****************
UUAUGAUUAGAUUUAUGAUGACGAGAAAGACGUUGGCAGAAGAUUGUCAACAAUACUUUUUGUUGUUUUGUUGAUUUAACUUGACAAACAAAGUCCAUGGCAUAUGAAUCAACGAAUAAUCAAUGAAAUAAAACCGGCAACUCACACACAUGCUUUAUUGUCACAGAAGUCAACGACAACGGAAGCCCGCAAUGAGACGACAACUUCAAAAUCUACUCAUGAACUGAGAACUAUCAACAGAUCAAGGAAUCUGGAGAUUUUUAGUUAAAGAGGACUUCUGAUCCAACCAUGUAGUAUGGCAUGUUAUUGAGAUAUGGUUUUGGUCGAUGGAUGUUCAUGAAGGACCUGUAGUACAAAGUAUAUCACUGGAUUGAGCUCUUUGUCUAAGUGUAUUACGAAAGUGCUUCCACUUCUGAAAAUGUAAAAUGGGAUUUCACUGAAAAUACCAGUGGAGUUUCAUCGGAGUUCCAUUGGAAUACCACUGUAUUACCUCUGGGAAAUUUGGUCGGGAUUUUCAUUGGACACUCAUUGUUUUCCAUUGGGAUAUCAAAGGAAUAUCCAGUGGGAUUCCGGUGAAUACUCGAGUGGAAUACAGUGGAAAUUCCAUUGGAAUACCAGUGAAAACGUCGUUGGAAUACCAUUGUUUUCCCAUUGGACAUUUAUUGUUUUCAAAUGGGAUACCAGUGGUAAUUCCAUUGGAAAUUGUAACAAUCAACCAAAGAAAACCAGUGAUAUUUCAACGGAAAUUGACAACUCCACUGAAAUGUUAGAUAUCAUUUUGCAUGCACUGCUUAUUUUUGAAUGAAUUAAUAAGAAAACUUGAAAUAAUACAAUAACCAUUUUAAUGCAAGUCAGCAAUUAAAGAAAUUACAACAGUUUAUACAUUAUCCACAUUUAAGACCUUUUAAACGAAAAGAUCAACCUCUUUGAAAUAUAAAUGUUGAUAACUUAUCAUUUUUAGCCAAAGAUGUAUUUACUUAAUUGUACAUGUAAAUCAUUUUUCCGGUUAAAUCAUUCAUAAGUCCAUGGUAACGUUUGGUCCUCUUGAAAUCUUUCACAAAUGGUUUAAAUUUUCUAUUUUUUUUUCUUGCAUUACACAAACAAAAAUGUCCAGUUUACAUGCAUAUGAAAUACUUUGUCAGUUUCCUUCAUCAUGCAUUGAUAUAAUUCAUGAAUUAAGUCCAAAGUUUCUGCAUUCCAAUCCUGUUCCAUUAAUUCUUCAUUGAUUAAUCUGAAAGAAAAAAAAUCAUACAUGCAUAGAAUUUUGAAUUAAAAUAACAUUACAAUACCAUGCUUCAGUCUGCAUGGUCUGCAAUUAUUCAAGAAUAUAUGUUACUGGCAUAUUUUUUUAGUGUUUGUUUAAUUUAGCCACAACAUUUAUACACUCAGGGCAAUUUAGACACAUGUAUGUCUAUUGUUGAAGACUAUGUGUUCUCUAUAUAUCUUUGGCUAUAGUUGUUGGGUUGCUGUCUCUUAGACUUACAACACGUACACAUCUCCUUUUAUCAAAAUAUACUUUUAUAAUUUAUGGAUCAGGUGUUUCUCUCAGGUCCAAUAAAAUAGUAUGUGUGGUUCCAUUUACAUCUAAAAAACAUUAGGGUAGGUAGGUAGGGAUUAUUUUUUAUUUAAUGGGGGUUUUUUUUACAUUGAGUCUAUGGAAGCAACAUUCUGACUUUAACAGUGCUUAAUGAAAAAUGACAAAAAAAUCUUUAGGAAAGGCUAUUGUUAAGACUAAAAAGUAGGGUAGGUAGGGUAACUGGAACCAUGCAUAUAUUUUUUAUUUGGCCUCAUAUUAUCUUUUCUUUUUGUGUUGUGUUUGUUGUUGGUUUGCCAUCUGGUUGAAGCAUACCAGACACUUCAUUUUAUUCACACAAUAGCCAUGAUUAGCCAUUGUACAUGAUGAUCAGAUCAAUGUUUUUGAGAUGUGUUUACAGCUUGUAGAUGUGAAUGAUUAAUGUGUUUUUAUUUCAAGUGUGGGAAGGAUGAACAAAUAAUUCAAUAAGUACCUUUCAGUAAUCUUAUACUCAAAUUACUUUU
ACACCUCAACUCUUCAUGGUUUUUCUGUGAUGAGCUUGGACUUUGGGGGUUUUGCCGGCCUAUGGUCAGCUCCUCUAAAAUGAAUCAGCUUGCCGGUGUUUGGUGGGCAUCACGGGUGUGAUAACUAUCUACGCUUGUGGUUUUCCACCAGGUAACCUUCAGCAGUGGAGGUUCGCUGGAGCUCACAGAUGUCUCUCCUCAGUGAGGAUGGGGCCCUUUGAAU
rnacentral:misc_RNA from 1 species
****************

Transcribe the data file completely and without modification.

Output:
UUAUGAUUAGAUUUAUGAUGACGAGAAAGACGUUGGCAGAAGAUUGUCAACAAUACUUUUUGUUGUUUUGUUGAUUUAACUUGACAAACAAAGUCCAUGGCAUAUGAAUCAACGAAUAAUCAAUGAAAUAAAACCGGCAACUCACACACAUGCUUUAUUGUCACAGAAGUCAACGACAACGGAAGCCCGCAAUGAGACGACAACUUCAAAAUCUACUCAUGAACUGAGAACUAUCAACAGAUCAAGGAAUCUGGAGAUUUUUAGUUAAAGAGGACUUCUGAUCCAACCAUGUAGUAUGGCAUGUUAUUGAGAUAUGGUUUUGGUCGAUGGAUGUUCAUGAAGGACCUGUAGUACAAAGUAUAUCACUGGAUUGAGCUCUUUGUCUAAGUGUAUUACGAAAGUGCUUCCACUUCUGAAAAUGUAAAAUGGGAUUUCACUGAAAAUACCAGUGGAGUUUCAUCGGAGUUCCAUUGGAAUACCACUGUAUUACCUCUGGGAAAUUUGGUCGGGAUUUUCAUUGGACACUCAUUGUUUUCCAUUGGGAUAUCAAAGGAAUAUCCAGUGGGAUUCCGGUGAAUACUCGAGUGGAAUACAGUGGAAAUUCCAUUGGAAUACCAGUGAAAACGUCGUUGGAAUACCAUUGUUUUCCCAUUGGACAUUUAUUGUUUUCAAAUGGGAUACCAGUGGUAAUUCCAUUGGAAAUUGUAACAAUCAACCAAAGAAAACCAGUGAUAUUUCAACGGAAAUUGACAACUCCACUGAAAUGUUAGAUAUCAUUUUGCAUGCACUGCUUAUUUUUGAAUGAAUUAAUAAGAAAACUUGAAAUAAUACAAUAACCAUUUUAAUGCAAGUCAGCAAUUAAAGAAAUUACAACAGUUUAUACAUUAUCCACAUUUAAGACCUUUUAAACGAAAAGAUCAACCUCUUUGAAAUAUAAAUGUUGAUAACUUAUCAUUUUUAGCCAAAGAUGUAUUUACUUAAUUGUACAUGUAAAUCAUUUUUCCGGUUAAAUCAUUCAUAAGUCCAUGGUAACGUUUGGUCCUCUUGAAAUCUUUCACAAAUGGUUUAAAUUUUCUAUUUUUUUUUCUUGCAUUACACAAACAAAAAUGUCCAGUUUACAUGCAUAUGAAAUACUUUGUCAGUUUCCUUCAUCAUGCAUUGAUAUAAUUCAUGAAUUAAGUCCAAAGUUUCUGCAUUCCAAUCCUGUUCCAUUAAUUCUUCAUUGAUUAAUCUGAAAGAAAAAAAAUCAUACAUGCAUAGAAUUUUGAAUUAAAAUAACAUUACAAUACCAUGCUUCAGUCUGCAUGGUCUGCAAUUAUUCAAGAAUAUAUGUUACUGGCAUAUUUUUUUAGUGUUUGUUUAAUUUAGCCACAACAUUUAUACACUCAGGGCAAUUUAGACACAUGUAUGUCUAUUGUUGAAGACUAUGUGUUCUCUAUAUAUCUUUGGCUAUAGUUGUUGGGUUGCUGUCUCUUAGACUUACAACACGUACACAUCUCCUUUUAUCAAAAUAUACUUUUAUAAUUUAUGGAUCAGGUGUUUCUCUCAGGUCCAAUAAAAUAGUAUGUGUGGUUCCAUUUACAUCUAAAAAACAUUAGGGUAGGUAGGUAGGGAUUAUUUUUUAUUUAAUGGGGGUUUUUUUUACAUUGAGUCUAUGGAAGCAACAUUCUGACUUUAACAGUGCUUAAUGAAAAAUGACAAAAAAAUCUUUAGGAAAGGCUAUUGUUAAGACUAAAAAGUAGGGUAGGUAGGGUAACUGGAACCAUGCAUAUAUUUUUUAUUUGGCCUCAUAUUAUCUUUUCUUUUUGUGUUGUGUUUGUUGUUGGUUUGCCAUCUGGUUGAAGCAUACCAGACACUUCAUUUUAUUCACACAAUAGCCAUGAUUAGCCAUUGUACAUGAUGAUCAGAUCAAUGUUUUUGAGAUGUGUUUACAGCUUGUAGAUGUGAAUGAUUAAUGUGUUUUUAUUUCAAGUGUGGGAAGGAUGAACAAAUAAUUCAAUAAGUACCUUUCAGUAAUCUUAUACUCAAAUUACUUUU
ACACCUCAACUCUUCAUGGUUUUUCUGUGAUGAGCUUGGACUUUGGGGGUUUUGCCGGCCUAUGGUCAGCUCCUCUAAAAUGAAUCAGCUUGCCGGUGUUUGGUGGGCAUCACGGGUGUGAUAACUAUCUACGCUUGUGGUUUUCCACCAGGUAACCUUCAGCAGUGGAGGUUCGCUGGAGCUCACAGAUGUCUCUCCUCAGUGAGGAUGGGGCCCUUUGAAU
rnacentral:misc_RNA from 1 species